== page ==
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Antiviral Therapy Plus Either Peripheral Stem Cell or Umbilical Cord Blood Transplantation in Treating Patients Who Are HIV Positive and Have Hematologic Cancer

2014-08-27 03:58:41 | BioPortfolio

Summary

RATIONALE: Antiviral agents are drugs that act against viruses and may be an effective treatment for HIV. Peripheral stem cell transplantation or umbilical cord blood transplantation may be able to replace immune cells that were destroyed by chemotherapy and radiation therapy used to kill tumor cells. Combining either umbilical cord blood transplantation or peripheral stem cell transplantation with antiviral therapy may be an effective treatment for HIV-positive patients who have hematologic cancer.

PURPOSE: Phase I trial to study the effectiveness of antiviral therapy plus either peripheral stem cell transplantation or umbilical cord blood transplantation in treating HIV-positive patients who have refractory or recurrent hematologic cancer.

Description

OBJECTIVES: I. Determine the feasibility and safety of combination antiretroviral therapy followed by HLA matched sibling peripheral blood stem cell or unrelated umbilical cord blood transplants in HIV infected adults with hematologic malignancies. II. Measure the effects of this treatment on HIV viral burden in the serum and tissues of these patients. III. Measure immune reconstitution following treatment in this patient population.

OUTLINE: Patients receive a combination of 3 antiretroviral agents beginning at least 3 weeks prior to the initiation of the myeloablative conditioning regimen. The antiretroviral agents are discontinued on days -5 to -1 prior to transplant. Beginning on day 0 the antiretroviral agents are restarted and continue indefinitely. Patients who are given umbilical cord blood (UCB) transplants undergo collection of autologous peripheral blood stem cells (PBSC) prior to the myeloablative conditioning regimen in case there is UCB graft failure. Prior to PBSC or UCB transplantation on day 0, all patients receive a myeloablative conditioning regimen. The conditioning regimen consists of total body irradiation twice a day on days -9 to -5 and melphalan IV over 60 minutes on days -4 to -2. Patients receiving UCB transplant also receive anti-thymocyte globulin over 6 hours on days -3 to -1. Patients are followed every 3 months for 3 years, then annually for the next 3 years.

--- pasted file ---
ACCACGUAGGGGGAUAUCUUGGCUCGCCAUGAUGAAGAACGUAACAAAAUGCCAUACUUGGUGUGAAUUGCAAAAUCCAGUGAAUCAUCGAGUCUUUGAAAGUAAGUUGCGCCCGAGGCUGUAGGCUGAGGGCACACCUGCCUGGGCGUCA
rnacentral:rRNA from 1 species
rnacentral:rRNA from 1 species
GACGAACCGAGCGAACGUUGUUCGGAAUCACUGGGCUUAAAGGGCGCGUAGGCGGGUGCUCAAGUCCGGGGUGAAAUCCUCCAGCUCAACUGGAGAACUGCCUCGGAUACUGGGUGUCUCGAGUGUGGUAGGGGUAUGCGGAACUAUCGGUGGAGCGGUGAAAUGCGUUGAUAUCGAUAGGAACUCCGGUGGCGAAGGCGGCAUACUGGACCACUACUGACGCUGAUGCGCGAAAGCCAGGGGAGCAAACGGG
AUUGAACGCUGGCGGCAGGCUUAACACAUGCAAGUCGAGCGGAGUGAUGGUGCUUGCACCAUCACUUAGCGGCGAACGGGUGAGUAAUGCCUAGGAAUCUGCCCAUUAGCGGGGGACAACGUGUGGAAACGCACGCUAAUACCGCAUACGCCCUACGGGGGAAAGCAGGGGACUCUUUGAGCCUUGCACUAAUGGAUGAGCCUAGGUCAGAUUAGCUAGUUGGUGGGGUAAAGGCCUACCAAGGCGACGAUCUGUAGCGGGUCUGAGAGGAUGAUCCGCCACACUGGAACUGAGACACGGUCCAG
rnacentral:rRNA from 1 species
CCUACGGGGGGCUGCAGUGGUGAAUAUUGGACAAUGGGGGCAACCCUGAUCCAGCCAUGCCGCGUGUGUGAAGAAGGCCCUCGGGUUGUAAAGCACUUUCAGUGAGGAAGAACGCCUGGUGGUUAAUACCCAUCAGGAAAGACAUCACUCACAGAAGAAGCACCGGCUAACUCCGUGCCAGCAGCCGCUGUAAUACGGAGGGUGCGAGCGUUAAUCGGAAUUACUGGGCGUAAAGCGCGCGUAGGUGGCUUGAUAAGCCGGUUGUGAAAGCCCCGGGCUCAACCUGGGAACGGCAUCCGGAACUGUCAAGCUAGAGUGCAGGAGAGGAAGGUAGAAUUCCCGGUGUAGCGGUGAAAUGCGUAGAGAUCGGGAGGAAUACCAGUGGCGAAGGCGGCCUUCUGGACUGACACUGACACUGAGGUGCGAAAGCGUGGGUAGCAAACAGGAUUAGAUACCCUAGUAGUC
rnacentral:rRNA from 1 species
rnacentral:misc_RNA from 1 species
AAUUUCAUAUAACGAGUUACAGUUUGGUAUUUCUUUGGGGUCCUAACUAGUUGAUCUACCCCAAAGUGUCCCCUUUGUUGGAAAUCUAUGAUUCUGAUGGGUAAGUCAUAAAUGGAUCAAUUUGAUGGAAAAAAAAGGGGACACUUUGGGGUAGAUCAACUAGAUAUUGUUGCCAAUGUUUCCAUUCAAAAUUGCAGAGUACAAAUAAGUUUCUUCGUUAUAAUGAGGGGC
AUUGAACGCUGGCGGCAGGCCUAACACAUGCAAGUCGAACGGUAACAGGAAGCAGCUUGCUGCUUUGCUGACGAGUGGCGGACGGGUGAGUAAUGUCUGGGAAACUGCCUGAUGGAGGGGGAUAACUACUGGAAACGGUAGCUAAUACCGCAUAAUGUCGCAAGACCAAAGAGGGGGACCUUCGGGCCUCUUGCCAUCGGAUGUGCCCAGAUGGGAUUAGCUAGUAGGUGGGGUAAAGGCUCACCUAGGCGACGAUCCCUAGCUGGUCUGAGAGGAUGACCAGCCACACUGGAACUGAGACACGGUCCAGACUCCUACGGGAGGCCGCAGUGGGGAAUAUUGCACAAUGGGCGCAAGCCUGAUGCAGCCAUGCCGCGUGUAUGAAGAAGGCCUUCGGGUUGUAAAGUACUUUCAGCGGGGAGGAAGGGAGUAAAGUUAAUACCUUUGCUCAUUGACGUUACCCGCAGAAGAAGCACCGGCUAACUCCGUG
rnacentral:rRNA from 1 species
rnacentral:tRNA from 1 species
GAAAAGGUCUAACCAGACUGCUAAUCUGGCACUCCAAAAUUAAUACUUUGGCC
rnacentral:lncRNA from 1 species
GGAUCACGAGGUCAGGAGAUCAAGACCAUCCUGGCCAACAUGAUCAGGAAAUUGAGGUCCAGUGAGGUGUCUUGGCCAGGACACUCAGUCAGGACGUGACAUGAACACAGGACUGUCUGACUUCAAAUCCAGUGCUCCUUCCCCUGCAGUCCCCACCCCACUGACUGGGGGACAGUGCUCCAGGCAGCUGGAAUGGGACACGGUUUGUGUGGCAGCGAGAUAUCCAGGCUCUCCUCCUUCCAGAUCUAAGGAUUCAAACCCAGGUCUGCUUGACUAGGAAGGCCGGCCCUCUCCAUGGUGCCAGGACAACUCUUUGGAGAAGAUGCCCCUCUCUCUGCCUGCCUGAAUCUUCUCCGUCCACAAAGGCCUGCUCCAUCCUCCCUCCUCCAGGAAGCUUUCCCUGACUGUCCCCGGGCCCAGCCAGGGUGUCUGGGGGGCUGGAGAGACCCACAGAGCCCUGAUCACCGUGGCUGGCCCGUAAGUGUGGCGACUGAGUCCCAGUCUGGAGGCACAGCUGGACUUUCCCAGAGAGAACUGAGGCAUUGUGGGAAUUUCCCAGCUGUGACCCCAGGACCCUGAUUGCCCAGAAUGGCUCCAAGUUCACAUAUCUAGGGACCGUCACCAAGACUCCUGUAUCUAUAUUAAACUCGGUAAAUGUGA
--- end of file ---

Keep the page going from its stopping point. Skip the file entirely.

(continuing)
PROJECTED ACCRUAL: A total of 6 patients will be accrued for this study over 2 years.

Study Design

Primary Purpose: Treatment

Conditions

Leukemia

Intervention

anti-thymocyte globulin, melphalan, antiviral therapy, bone marrow ablation with stem cell support, peripheral blood stem cell transplantation, umbilical cord blood transplantation, radiation therapy

Location

Duke Comprehensive Cancer Center
Durham
North Carolina
United States
27710

Status

Active, not recruiting

Source

National Cancer Institute (NCI)

Results (where available)

View Results

Links

Published on BioPortfolio: 2014-08-27T03:58:41-0400

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Medical and Biotech [MESH] Definitions

An alkylating nitrogen mustard that is used as an antineoplastic in the form of the levo isomer - MELPHALAN, the racemic mixture - MERPHALAN, and the dextro isomer - MEDPHALAN; toxic to bone marrow, but little vesicant action; potential carcinogen.

A mixture of six synthetic oligopeptides, each containing MELPHALAN. It is used as a broad-spectrum antineoplastic due to its alkylating and antimetabolic actions but, is toxic to bone marrow, gastrointestinal system and vasculature.

Neoplasms located in the bone marrow. They are differentiated from neoplasms composed of bone marrow cells, such as MULTIPLE MYELOMA. Most bone marrow neoplasms are metastatic.

Techniques for the removal of subpopulations of cells (usually residual tumor cells) from the bone marrow ex vivo before it is infused. The purging is achieved by a variety of agents including pharmacologic agents, biophysical agents (laser photoirradiation or radioisotopes) and immunologic agents. Bone marrow purging is used in both autologous and allogeneic BONE MARROW TRANSPLANTATION.

The soft tissue filling the cavities of bones. Bone marrow exists in two types, yellow and red. Yellow marrow is found in the large cavities of large bones and consists mostly of fat cells and a few primitive blood cells. Red marrow is a hematopoietic tissue and is the site of production of erythrocytes and granular leukocytes. Bone marrow is made up of a framework of connective tissue containing branching fibers with the frame being filled with marrow cells.

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